Adding Some Height with Extended Stitches

When I am teaching I find that if my students make a mistake, it is because they are attempting something more advanced than they had learned. One such “more advanced stitch” is working Extended Stitches.

Extended stitches are a great way to make more gentle curves, or even help make gauge, and they are pretty easy to create. The technique of extending can be used with any crochet stitch, and only adds one additional step.

To create the stitch you start whichever stitch you are work, just as you always do. Meaning if you are creating a single crochet, insert you hook in the indicated stitch, yarn over and pull through; if you are creating double crochet, yarn over then insert in you hook in the indicated stitch, yarn over and pull through. The extension happens right after the “yarn over and pull through”, this is the point in a stitch that I refer to as “anchoring” as it secures the stitch being created to fabric being created.

After “anchoring the stitch” you yarn over and pull through a loop, essentially creating a chain. Then you complete the stitch as usual. This little added chain gives a little extra height to the stitch, however it does not make it as tall as the next typical stitch in crochet. This helps create a gentler curve in a gradual stitch taper.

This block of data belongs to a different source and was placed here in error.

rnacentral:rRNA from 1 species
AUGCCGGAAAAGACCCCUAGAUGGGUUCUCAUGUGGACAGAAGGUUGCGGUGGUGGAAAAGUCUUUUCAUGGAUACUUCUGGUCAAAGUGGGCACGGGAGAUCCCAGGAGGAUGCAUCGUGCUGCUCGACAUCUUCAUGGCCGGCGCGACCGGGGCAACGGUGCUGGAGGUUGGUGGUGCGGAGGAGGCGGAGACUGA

There is only a slight difference in the appearance of these extended stitches, and that is a little extra “v” at the base of the stitch post.

Steps for working typical crochet stitches, note: all photo examples are worked to the left of the typical version of the stitch for comparison:

Extended Single Crochet (esc):

Insert hook into indicated stitch, yarn over pull through a loop to anchor, chain one, yarn over and pull through 2 loops.

Extended Half Double Crochet (ehdc):

Yarn over, insert hook into indicated stitch, yarn over pull through a loop to anchor, chain one, yarn over and pull through 3 loops.

Extended Double Crochet (edc):

Yarn over, insert hook into indicated stitch, yarn over and pull through a loop to anchor, chain one, yarn over pull through 2 loops, yarn over pull through 2 loops.

Small Shifts, Big Differences…Where is Your Yarn?

ScannedImageSimple things can make a huge difference….I was reminded of this just the other day, as I was putting together some “join-as-you-go” motifs.


Working yarn behind the hook

They would join at through chain loops, and I found that I was working along splendidly, then put things down and come back and have the joins twisting. I could not for the life of me figure out what was causing this difference. I was entering the chain in the same direction, I was making the same number of stitches, and so what was my hold up? Was I distracted? Were my fingers and hook no longer obeying?


Working yarn in front of hook, being pulled into chain stitch